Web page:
2. Adult child who puts parent on title for financing purposes only, no beneficial ownership transferred. The residence is the primary place of residence of the adult child.
  3. Trustee of a family trust which holds residential property in trust for the beneficiaries.

These are very common situations.

In situation #1, the adult child must file the 2022 UHT return as trustee of a trust. If the parent is a citizen of Canada, then the trust is a specified Canadian trust, and no UHT will be payable.

In situation #2 the parent must file the 2022 UHT return as trustee of a trust. If the adult child is a citizen of Canada, then the trust is a specified Canadian trust, and no UHT will be payable.

In situation #3, the trustee must file the 2022 UHT return. If all beneficiaries of the trust are citizens of Canada, then the trust is a specified Canadian trust, and no UHT will be payable.

New November 21, 2023: Effective for the 2023 calendar year, if the trust is a specified Canadian trust, it will be considered an excluded owner and will not have to file the UHT return. However, the 2022 UHT return must still be filed.  See Underused Housing Tax in the 2023 Fall Economic Statement.

See CRA's Underused Housing Tax Notice 15 (UHT 15) Questions about trusts, which has been updated to provide a lot more detail, and examples.

A Canadian citizen or permanent resident will have to file a UHT return if they are an owner of the property in their capacity as a trustee of a trust (other than a personal representative in respect of a deceased individual) or as a partner of a partnership.  Most of these people will likely be exempt from the tax, but will pay a minimum $5,000 penalty per person per property if they do not file.

For more information see Do you have a bare trust? What that means for Underused Housing Tax (UHT) by RHN Chartered Professional Accountants.

Tax Tip: If you're in doubt as to whether you have to file a UHT return, get professional advice, or just file the return!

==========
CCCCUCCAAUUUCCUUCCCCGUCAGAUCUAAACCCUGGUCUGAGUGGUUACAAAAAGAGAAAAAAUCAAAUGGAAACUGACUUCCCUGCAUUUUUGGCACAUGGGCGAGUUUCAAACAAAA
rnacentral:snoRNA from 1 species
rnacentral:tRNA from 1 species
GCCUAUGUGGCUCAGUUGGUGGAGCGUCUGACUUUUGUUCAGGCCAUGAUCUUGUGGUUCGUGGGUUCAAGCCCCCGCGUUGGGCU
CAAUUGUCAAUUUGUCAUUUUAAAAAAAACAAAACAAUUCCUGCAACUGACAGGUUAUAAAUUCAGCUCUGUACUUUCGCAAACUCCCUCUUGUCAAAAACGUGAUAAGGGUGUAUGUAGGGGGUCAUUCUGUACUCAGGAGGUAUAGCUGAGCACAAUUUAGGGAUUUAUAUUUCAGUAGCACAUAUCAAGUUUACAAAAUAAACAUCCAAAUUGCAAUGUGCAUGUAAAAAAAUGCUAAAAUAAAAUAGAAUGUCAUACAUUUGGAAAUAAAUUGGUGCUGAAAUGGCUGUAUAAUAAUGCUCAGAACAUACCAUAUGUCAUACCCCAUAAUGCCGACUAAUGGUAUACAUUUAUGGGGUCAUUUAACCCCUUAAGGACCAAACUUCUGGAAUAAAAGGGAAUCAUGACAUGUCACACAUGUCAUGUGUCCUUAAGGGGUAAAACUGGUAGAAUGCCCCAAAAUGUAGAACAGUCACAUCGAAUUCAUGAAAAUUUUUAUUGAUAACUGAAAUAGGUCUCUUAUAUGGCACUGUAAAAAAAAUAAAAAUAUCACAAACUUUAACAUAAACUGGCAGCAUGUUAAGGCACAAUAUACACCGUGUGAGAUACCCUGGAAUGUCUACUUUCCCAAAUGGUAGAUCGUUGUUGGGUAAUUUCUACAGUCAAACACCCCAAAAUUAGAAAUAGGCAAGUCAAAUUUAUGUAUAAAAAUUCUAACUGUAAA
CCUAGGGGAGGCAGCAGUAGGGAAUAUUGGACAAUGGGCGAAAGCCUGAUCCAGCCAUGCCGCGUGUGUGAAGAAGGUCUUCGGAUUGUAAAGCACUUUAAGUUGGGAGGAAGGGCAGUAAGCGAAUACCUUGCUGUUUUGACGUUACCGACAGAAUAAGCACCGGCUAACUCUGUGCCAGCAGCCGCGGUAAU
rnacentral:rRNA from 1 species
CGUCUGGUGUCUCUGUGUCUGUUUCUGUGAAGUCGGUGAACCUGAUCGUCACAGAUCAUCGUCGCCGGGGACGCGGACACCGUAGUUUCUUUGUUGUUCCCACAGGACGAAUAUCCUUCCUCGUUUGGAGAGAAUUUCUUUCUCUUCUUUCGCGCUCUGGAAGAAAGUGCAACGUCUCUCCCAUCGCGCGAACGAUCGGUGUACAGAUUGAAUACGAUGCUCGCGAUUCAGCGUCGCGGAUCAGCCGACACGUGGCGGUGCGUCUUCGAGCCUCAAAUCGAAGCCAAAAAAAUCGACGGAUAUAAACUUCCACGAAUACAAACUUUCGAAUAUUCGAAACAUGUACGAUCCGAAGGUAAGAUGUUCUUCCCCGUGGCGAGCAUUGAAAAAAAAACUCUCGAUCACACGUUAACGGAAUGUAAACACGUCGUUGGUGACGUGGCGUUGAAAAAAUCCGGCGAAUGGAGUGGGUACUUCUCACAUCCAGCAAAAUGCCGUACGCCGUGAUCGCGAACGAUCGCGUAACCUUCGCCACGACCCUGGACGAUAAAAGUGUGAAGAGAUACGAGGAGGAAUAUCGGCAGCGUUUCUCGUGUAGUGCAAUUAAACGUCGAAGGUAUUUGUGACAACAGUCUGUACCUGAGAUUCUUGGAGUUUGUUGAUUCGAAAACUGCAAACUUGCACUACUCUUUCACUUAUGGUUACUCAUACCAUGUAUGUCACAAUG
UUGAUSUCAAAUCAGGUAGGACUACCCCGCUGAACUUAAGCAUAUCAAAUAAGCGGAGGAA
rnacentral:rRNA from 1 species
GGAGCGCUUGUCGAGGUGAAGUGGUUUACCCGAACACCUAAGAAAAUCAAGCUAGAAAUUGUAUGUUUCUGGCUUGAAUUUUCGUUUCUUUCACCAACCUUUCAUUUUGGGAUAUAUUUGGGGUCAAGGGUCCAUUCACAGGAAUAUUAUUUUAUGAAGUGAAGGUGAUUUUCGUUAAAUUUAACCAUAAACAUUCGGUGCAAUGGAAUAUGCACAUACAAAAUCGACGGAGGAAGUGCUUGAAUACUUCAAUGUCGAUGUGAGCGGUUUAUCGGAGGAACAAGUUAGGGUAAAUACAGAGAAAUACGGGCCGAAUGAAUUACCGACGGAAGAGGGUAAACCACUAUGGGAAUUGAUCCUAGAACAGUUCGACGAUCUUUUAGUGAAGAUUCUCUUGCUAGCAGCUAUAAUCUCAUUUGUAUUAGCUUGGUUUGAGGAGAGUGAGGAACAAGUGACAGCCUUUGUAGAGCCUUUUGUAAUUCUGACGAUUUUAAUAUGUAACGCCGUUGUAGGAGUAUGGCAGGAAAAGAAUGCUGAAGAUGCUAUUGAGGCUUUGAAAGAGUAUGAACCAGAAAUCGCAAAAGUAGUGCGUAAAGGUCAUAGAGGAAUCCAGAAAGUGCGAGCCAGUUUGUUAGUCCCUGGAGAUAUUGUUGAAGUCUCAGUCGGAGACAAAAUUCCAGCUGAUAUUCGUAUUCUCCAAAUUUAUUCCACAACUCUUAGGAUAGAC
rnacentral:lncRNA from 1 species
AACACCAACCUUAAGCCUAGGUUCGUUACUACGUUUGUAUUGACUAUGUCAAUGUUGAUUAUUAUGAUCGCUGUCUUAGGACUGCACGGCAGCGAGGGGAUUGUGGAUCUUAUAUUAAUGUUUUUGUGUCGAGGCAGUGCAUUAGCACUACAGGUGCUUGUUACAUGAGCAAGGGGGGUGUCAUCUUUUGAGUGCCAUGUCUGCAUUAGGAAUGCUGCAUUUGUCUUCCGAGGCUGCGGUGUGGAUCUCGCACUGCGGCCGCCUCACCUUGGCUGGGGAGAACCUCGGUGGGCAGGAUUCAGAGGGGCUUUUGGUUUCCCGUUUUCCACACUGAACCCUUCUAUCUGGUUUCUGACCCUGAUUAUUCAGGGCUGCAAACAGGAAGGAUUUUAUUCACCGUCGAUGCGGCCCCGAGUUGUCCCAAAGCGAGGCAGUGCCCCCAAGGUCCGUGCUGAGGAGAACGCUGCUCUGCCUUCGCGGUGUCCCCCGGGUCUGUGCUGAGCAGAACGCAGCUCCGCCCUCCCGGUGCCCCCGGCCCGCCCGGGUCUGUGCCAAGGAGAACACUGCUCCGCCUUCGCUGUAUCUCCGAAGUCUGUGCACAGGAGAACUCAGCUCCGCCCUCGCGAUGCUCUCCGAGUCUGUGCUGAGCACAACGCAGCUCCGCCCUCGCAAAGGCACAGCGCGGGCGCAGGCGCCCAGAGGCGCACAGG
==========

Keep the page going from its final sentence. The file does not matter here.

Canadian Private Corporation

Publicly-traded corporations are excluded owners, while private corporations are not.

A Canadian private corporation must file a 2022 UHT return if they own residential property in Canada on December 31st of the calendar year.  Most Canadian private corporations will likely be exempt from the tax as they will be considered a specified Canadian corporation, but will pay a minimum $2,000 penalty per failure to file (reduced from $10,000 per failure by the 2023 Fall Economic Statement) if they do not file.  

New November 21, 2023: Specified Canadian corporations will be considered excluded owners for the 2023 and subsequent calendar years, and will not have to file the UHT return, if the draft legislation is included in a Bill, tabled in the House of Parliament, and passed. This has not yet happened, as of February 14, 2024.. See Underused Housing Tax in the 2023 Fall Economic Statement.

Non-Resident Non-Canadians

Non-resident non-Canadians must file a UHT return if they own residential property in Canada on December 31st of the calendar year. Whether the tax is payable will depend on whether they are eligible for any exemptions.

2023 Fall Economic Update Proposed Changes to the UHT

See Underused Housing Tax in the 2023 Fall Economic Statement.

Elimination of Filing Requirement for Certain Owners, But Not for 2022 Calendar Year - And Not Yet for 2023 Calendar Year

Currently, exemptions from the UHT can be claimed by:

bulletspecified Canadian corporations
bulletpartners of a specified Canadian partnership
bullettrustees of a specified Canadian trust

However, to claim the exemption, these individuals or corporations must file the UHT return. For the 2023 calendar year, it is proposed that these individuals and corporations will be considered "excluded owners" and will not have to file the UHT return. They still must file for the 2022 calendar year, by April 30, 2024.

As of February 16, 2024, the draft legislation for these changes has not yet been included in a Bill, tabled in the House of Parliament, and passed, which means that it is possible that these Canadians will have to file the UHT return again for the 2023 year, by April 30, 2024.